By Kirk Petersen
Gavin Ashenden, a former chaplain to the queen of England who went on to become a bishop in an Anglican church separate from the Church of England, converted to Roman Catholicism on December 22.
Ashenden, now a member of the Roman Catholic laity, has been a prominent voice for traditional Anglicanism. He left the Church of England in 2017 in the wake of a Koran reading in a Scotland cathedral, so that he could speak out against the event without being mistaken as a representative of the queen.
The biography on his personal website says: “Convinced that the consecration of women to the episcopate represented the replacement of apostolic and biblical patterns with the competing culture of the values of Cultural Marxism, and dissenting from the increasing accommodation of the Church of England to radical secular views on gender, he resigned from the Church of England in 2017.”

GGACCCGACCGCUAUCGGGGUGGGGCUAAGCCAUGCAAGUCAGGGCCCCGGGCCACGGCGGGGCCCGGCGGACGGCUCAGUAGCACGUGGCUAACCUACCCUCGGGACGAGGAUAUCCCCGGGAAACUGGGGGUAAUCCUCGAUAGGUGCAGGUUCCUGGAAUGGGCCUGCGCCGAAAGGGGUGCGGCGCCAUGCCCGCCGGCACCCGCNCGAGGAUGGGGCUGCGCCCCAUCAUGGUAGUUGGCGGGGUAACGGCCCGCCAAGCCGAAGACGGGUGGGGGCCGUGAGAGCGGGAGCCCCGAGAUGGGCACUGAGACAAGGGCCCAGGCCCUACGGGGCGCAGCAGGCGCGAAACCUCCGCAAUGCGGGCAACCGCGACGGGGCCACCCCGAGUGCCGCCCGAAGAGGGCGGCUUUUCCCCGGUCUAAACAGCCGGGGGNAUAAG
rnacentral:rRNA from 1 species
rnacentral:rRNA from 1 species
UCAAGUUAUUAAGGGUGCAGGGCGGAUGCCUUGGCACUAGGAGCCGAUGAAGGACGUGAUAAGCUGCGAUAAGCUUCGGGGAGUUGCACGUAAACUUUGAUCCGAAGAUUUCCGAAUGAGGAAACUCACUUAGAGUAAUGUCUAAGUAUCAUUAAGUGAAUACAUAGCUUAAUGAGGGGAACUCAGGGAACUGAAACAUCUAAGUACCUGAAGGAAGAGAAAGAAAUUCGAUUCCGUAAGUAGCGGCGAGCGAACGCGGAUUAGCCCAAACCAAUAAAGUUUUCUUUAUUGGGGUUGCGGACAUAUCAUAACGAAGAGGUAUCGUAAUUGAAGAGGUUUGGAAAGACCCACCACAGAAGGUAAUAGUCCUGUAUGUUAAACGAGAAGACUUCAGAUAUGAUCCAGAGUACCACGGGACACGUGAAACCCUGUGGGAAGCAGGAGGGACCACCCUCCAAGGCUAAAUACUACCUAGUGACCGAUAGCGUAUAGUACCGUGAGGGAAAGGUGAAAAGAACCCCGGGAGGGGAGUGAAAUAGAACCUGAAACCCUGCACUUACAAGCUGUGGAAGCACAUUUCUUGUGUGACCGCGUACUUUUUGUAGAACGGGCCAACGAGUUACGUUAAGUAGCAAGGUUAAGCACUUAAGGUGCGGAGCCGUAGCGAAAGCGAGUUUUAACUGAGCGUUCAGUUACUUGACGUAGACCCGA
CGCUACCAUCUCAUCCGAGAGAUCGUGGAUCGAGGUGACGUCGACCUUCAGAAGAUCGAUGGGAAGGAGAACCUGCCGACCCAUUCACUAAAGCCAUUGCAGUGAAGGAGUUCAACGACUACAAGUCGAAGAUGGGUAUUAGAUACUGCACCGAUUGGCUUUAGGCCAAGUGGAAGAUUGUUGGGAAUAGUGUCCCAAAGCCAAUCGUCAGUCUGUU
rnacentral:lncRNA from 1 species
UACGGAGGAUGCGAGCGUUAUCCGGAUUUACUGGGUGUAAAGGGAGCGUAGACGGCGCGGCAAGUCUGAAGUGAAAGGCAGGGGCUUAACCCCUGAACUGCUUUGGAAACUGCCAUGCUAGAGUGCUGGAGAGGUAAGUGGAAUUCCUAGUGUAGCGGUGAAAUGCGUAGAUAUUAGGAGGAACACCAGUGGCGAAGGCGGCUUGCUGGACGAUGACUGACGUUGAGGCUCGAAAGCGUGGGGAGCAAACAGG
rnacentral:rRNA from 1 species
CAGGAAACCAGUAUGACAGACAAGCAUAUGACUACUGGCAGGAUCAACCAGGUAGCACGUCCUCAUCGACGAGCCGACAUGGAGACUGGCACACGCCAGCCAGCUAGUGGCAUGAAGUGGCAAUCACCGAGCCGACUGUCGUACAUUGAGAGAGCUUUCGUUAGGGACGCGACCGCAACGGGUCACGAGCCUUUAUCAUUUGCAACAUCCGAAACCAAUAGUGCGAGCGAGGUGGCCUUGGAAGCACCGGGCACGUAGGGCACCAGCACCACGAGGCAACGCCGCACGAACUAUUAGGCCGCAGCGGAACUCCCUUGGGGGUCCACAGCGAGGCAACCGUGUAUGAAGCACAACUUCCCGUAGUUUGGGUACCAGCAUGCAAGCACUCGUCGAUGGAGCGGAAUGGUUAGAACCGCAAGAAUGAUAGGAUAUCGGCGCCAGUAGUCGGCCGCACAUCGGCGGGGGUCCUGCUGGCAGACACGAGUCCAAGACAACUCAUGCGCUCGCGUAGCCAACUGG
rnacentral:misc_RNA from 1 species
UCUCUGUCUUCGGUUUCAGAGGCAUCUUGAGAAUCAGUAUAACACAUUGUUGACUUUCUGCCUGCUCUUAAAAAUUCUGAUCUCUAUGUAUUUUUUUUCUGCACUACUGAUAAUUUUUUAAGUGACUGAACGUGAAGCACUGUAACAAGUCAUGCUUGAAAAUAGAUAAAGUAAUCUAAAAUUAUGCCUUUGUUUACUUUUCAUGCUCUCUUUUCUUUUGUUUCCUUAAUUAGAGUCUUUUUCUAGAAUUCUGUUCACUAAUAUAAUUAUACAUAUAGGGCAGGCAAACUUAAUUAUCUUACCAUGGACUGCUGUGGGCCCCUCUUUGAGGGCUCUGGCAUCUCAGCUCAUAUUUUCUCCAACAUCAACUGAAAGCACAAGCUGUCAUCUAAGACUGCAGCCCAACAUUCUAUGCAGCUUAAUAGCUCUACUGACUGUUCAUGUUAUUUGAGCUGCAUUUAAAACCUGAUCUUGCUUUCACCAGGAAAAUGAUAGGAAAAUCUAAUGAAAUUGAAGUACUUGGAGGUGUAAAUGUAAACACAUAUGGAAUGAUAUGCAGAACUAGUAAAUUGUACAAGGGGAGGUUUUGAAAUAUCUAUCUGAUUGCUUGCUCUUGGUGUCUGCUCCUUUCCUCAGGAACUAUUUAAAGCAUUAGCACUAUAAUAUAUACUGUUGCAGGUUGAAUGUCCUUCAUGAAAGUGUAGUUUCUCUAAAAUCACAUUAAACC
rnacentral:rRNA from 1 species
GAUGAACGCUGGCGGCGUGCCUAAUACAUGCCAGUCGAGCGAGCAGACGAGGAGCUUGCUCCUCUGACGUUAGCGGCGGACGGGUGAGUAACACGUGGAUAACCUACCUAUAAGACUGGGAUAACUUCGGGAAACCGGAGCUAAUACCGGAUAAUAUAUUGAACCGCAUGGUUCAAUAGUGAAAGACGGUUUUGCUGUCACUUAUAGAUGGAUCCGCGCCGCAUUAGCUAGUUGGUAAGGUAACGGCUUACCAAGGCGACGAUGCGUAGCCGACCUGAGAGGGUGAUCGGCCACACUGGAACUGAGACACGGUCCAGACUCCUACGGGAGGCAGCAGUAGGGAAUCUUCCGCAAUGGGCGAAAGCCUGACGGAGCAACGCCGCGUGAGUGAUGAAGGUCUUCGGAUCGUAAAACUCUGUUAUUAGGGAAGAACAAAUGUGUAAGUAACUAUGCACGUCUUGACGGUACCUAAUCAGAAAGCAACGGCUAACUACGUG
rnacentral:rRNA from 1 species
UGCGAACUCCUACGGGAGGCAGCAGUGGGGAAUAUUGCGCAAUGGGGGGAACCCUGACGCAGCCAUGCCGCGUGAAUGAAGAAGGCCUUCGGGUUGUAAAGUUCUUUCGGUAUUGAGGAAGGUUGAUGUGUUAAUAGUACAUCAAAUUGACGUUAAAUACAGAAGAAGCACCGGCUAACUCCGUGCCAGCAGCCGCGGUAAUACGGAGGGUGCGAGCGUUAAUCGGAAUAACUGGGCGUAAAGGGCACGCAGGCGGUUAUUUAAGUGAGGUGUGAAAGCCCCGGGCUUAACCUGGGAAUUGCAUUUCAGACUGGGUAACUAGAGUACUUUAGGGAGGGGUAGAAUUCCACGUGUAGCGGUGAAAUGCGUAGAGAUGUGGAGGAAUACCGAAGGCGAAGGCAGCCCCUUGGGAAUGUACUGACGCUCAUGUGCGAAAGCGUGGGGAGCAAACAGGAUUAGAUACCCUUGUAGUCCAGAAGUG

He quickly was ordained a missionary bishop in the Christian Episcopal Church, which was formed in 1992 in the United States and Canada in response to what conservatives saw as a steady move toward theological liberalism in the Episcopal Church and the Anglican Church of Canada.
He was critical of Presiding Bishop Michael B. Curry’s sermon at the royal wedding of Prince Harry and Meghan Markle, saying he objected to “the glorification of romantic and erotic love — saying ‘this is an experience of God,’ and then encouraging people to say, ‘let’s encourage people to love each other a bit more, and the whole world will come right.” He described the sermon as “an American taste of Disneyfication.”
Ashenden has been a weekly presence on Anglican Unscripted, a video podcast launched in 2011, since he left the Church of England. Shortly before his conversion, Ashenden talked with host Kevin Kallsen about his decision to turn toward Rome. He accepted an invitation by the local Roman Catholic bishop out of a belief that the “alliance of Anglican orthodox bodies” would not be able to build the Church, describing them as “small schismatic groups that don’t speak very well of each other.” Ashenden will continue to appear on the podcast.